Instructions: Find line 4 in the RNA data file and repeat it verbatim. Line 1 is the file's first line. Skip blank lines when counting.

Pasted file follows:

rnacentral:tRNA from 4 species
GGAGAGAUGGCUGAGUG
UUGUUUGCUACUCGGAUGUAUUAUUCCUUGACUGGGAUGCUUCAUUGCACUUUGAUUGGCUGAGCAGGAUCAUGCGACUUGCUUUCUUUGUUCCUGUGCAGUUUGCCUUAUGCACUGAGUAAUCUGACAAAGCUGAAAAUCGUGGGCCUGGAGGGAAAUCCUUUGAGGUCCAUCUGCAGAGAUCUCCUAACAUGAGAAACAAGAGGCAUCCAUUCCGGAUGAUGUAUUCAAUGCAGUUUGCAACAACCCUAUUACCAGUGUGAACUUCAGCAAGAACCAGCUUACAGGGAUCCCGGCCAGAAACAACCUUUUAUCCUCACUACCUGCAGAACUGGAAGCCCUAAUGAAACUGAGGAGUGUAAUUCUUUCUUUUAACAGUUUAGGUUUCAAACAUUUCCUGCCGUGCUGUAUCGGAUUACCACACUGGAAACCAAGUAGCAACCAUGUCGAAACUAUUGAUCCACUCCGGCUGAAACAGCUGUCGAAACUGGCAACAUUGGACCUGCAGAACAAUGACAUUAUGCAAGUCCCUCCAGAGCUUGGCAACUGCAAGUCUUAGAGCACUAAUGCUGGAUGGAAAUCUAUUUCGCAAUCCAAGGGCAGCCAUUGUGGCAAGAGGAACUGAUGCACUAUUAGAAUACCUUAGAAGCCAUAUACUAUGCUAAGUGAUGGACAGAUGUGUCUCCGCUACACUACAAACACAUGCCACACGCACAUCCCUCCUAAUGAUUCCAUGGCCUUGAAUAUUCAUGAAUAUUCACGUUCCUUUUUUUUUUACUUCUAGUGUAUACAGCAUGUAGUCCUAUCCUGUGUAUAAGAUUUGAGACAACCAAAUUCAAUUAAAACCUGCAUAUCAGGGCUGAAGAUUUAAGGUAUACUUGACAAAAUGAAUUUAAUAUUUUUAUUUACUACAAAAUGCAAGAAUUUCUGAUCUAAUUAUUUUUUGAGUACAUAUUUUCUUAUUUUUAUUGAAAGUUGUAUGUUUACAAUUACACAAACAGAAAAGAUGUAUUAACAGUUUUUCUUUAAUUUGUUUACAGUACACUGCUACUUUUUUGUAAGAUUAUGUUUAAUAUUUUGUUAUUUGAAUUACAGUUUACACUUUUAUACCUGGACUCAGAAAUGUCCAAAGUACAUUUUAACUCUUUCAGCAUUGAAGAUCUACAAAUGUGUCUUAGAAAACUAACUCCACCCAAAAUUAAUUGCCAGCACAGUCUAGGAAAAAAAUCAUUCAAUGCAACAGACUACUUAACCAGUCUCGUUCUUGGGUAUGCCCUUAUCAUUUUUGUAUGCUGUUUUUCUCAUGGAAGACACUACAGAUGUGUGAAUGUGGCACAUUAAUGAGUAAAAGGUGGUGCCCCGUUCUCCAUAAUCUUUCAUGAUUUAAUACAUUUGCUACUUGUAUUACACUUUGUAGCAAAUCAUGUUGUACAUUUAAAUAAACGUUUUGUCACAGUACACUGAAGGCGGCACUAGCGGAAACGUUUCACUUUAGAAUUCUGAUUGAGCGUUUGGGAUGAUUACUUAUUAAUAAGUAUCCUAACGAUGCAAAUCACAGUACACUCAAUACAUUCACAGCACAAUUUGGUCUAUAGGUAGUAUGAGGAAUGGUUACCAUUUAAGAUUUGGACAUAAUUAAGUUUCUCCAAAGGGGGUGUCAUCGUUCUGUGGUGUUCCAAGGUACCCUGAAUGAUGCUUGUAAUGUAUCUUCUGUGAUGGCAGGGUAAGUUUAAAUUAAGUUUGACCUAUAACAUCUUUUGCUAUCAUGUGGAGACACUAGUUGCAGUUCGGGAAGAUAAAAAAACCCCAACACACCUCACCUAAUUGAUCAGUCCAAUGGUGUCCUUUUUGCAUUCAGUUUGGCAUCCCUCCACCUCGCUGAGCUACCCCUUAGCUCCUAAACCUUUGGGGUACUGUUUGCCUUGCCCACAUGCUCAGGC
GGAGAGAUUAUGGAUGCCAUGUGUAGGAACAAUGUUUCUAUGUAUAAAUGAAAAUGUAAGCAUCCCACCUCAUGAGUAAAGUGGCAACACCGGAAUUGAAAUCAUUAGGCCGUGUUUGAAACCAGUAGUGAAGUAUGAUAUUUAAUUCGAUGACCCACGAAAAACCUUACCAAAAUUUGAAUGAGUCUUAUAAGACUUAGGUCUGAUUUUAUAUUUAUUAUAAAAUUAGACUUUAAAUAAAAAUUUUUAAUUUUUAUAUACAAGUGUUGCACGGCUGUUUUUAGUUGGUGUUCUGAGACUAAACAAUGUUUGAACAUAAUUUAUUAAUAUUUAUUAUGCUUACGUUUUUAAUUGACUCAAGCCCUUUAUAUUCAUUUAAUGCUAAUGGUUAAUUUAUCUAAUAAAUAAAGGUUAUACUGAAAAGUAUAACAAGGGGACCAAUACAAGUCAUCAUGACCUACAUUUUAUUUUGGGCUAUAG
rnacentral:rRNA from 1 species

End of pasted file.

GGAGAGAUUAUGGAUGCCAUGUGUAGGAACAAUGUUUCUAUGUAUAAAUGAAAAUGUAAGCAUCCCACCUCAUGAGUAAAGUGGCAACACCGGAAUUGAAAUCAUUAGGCCGUGUUUGAAACCAGUAGUGAAGUAUGAUAUUUAAUUCGAUGACCCACGAAAAACCUUACCAAAAUUUGAAUGAGUCUUAUAAGACUUAGGUCUGAUUUUAUAUUUAUUAUAAAAUUAGACUUUAAAUAAAAAUUUUUAAUUUUUAUAUACAAGUGUUGCACGGCUGUUUUUAGUUGGUGUUCUGAGACUAAACAAUGUUUGAACAUAAUUUAUUAAUAUUUAUUAUGCUUACGUUUUUAAUUGACUCAAGCCCUUUAUAUUCAUUUAAUGCUAAUGGUUAAUUUAUCUAAUAAAUAAAGGUUAUACUGAAAAGUAUAACAAGGGGACCAAUACAAGUCAUCAUGACCUACAUUUUAUUUUGGGCUAUAG